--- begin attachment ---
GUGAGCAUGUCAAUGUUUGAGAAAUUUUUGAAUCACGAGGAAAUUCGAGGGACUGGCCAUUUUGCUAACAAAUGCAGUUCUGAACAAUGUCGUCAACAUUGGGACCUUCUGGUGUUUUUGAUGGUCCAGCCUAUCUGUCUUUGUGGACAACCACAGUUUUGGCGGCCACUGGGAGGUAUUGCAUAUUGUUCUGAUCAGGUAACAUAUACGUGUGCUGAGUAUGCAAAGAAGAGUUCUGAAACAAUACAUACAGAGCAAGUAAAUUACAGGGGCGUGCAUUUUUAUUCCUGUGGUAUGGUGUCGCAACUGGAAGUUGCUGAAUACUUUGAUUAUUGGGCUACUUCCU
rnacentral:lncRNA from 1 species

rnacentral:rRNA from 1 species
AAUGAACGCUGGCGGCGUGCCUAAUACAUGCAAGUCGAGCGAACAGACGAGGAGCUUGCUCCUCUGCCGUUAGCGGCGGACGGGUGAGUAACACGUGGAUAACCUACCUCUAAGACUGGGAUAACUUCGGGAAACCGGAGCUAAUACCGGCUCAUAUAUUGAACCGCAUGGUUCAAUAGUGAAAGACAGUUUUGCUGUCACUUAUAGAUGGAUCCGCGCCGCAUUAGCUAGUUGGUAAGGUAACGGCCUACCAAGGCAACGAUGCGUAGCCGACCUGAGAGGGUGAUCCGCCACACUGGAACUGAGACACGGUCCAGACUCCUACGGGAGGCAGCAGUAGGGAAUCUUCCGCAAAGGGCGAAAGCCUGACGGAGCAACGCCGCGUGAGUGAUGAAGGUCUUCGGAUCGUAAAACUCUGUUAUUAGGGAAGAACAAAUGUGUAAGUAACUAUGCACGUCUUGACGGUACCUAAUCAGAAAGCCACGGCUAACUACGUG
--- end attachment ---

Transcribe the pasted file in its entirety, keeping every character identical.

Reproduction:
GUGAGCAUGUCAAUGUUUGAGAAAUUUUUGAAUCACGAGGAAAUUCGAGGGACUGGCCAUUUUGCUAACAAAUGCAGUUCUGAACAAUGUCGUCAACAUUGGGACCUUCUGGUGUUUUUGAUGGUCCAGCCUAUCUGUCUUUGUGGACAACCACAGUUUUGGCGGCCACUGGGAGGUAUUGCAUAUUGUUCUGAUCAGGUAACAUAUACGUGUGCUGAGUAUGCAAAGAAGAGUUCUGAAACAAUACAUACAGAGCAAGUAAAUUACAGGGGCGUGCAUUUUUAUUCCUGUGGUAUGGUGUCGCAACUGGAAGUUGCUGAAUACUUUGAUUAUUGGGCUACUUCCU
rnacentral:lncRNA from 1 species

rnacentral:rRNA from 1 species
AAUGAACGCUGGCGGCGUGCCUAAUACAUGCAAGUCGAGCGAACAGACGAGGAGCUUGCUCCUCUGCCGUUAGCGGCGGACGGGUGAGUAACACGUGGAUAACCUACCUCUAAGACUGGGAUAACUUCGGGAAACCGGAGCUAAUACCGGCUCAUAUAUUGAACCGCAUGGUUCAAUAGUGAAAGACAGUUUUGCUGUCACUUAUAGAUGGAUCCGCGCCGCAUUAGCUAGUUGGUAAGGUAACGGCCUACCAAGGCAACGAUGCGUAGCCGACCUGAGAGGGUGAUCCGCCACACUGGAACUGAGACACGGUCCAGACUCCUACGGGAGGCAGCAGUAGGGAAUCUUCCGCAAAGGGCGAAAGCCUGACGGAGCAACGCCGCGUGAGUGAUGAAGGUCUUCGGAUCGUAAAACUCUGUUAUUAGGGAAGAACAAAUGUGUAAGUAACUAUGCACGUCUUGACGGUACCUAAUCAGAAAGCCACGGCUAACUACGUG